Disco: the word sums up an era, a feeling, much more exactly than the words jazz or rock. The timeframe is specified: the ‘70s, perhaps peaking between 1975 and 1979; but there have been permutations up to the present. Basically, it’s dance music; it’s easier to draw a line between disco and house (for example) than between house and swing, though you would have to agree that house sounds quite different from disco.
A few years after I bought “Get Down Tonight” (the 45rpm 7-inch single) disco came to be vilified while paradoxically dominating the market, the airwaves, not to mention the cultural zeitgeist. The disdain towards disco is understandable given its saturation, its formulaic repetitions; record companies, producers, and all kinds of singers jumped on the bandwagon.
On the other hand, the “Disco Sucks” movement or sensibility also became an over-bearing counter-trend; the criticisms of the genre could also come across as rote. Sadly, as has been previously noted, the complete dismissal of disco usually came from white rockers, or punk rockers, or any other white follower of those other more “authentic” genres. This aesthetic dichotomy, knowingly or unknowingly, delineated a racial divide—disco was fundamentally black music, which is why I listened to disco; my record collection was already full of Marvin Gaye, Stevie Wonder, Curtis Mayfield and Aretha Franklin.
I am white and I found a white disco hero: Harry Wayne Casey, the “KC” in KC and the Sunshine Band. Not that I was looking for one. As far as the stereotype of disco, an accurate representative of the genre, KC and the Sunshine Band fit the bill. For one thing: they appear on the Saturday Night Fever soundtrack album, an almighty touchstone of that particular moment in musical history.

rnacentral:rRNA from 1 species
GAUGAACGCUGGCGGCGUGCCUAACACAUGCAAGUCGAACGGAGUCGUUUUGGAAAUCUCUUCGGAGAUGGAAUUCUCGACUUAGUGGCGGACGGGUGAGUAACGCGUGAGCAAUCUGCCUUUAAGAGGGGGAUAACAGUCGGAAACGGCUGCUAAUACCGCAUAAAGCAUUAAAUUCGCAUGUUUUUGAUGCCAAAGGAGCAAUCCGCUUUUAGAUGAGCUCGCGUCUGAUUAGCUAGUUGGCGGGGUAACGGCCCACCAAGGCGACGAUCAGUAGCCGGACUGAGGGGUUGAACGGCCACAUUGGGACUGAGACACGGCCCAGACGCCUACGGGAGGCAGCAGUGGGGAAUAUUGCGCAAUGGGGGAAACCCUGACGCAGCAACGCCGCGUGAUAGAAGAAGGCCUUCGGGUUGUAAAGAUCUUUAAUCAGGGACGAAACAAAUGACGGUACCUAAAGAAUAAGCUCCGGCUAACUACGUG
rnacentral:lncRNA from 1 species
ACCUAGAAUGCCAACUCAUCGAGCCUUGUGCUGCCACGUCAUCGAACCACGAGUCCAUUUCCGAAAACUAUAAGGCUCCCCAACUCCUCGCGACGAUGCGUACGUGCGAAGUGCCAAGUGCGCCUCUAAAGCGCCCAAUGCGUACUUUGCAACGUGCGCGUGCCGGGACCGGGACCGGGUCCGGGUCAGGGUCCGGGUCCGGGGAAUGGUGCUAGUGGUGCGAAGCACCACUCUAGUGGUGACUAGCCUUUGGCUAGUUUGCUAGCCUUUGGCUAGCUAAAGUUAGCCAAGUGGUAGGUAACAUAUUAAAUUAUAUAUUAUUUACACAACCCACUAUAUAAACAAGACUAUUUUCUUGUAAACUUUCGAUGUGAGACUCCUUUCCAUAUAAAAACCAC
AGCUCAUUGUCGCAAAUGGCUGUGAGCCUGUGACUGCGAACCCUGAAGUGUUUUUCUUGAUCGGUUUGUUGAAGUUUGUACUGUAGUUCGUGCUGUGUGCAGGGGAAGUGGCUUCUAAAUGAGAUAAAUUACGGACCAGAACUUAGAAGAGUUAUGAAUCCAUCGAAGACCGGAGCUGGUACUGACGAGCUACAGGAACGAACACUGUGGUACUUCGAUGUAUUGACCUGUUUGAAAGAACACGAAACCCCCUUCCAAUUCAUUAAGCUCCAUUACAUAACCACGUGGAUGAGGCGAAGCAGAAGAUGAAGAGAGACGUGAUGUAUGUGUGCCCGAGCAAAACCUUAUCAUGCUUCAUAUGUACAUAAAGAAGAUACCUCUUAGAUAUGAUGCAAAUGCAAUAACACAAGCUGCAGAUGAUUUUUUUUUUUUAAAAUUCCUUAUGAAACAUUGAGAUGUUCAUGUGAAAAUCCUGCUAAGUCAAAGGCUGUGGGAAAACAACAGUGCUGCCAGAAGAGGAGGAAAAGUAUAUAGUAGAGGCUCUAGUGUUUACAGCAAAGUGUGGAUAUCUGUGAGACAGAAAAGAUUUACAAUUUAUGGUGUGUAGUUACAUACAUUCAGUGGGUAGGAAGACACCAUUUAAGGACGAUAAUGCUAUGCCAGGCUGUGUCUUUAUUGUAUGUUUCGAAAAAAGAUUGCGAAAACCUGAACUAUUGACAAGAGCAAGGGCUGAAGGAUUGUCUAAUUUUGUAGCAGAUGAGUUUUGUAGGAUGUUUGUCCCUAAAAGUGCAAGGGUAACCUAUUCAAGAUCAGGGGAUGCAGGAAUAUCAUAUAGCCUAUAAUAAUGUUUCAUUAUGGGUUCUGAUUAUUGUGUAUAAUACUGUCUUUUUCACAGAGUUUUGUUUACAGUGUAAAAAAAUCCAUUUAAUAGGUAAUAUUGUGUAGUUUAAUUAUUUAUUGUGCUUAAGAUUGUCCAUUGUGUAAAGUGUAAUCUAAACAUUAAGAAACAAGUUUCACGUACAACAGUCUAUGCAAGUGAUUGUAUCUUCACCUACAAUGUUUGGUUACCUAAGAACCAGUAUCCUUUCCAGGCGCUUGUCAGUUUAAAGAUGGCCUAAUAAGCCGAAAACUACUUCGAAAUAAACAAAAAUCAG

But I would easily pick “Get Down Tonight” over their next two number one hits—“That’s The way I Like It” / “Shake Your Booty”—which indeed begin to approach formula. I can still hear “Get Down Tonight” just as I first heard it in a one-off discothèque in downtown Boston called “Rhinoceros”. I don’t know why we went there, a friend of mine must have heard about it, he took us there, and now I believe only a chosen few would remember anything about it. It was right downtown, in the historic part of town, nearby iconic locations like the Old Granary Burial Ground, and directly adjacent to the three-story Woolworths department store where I would later buy the 45rpm single.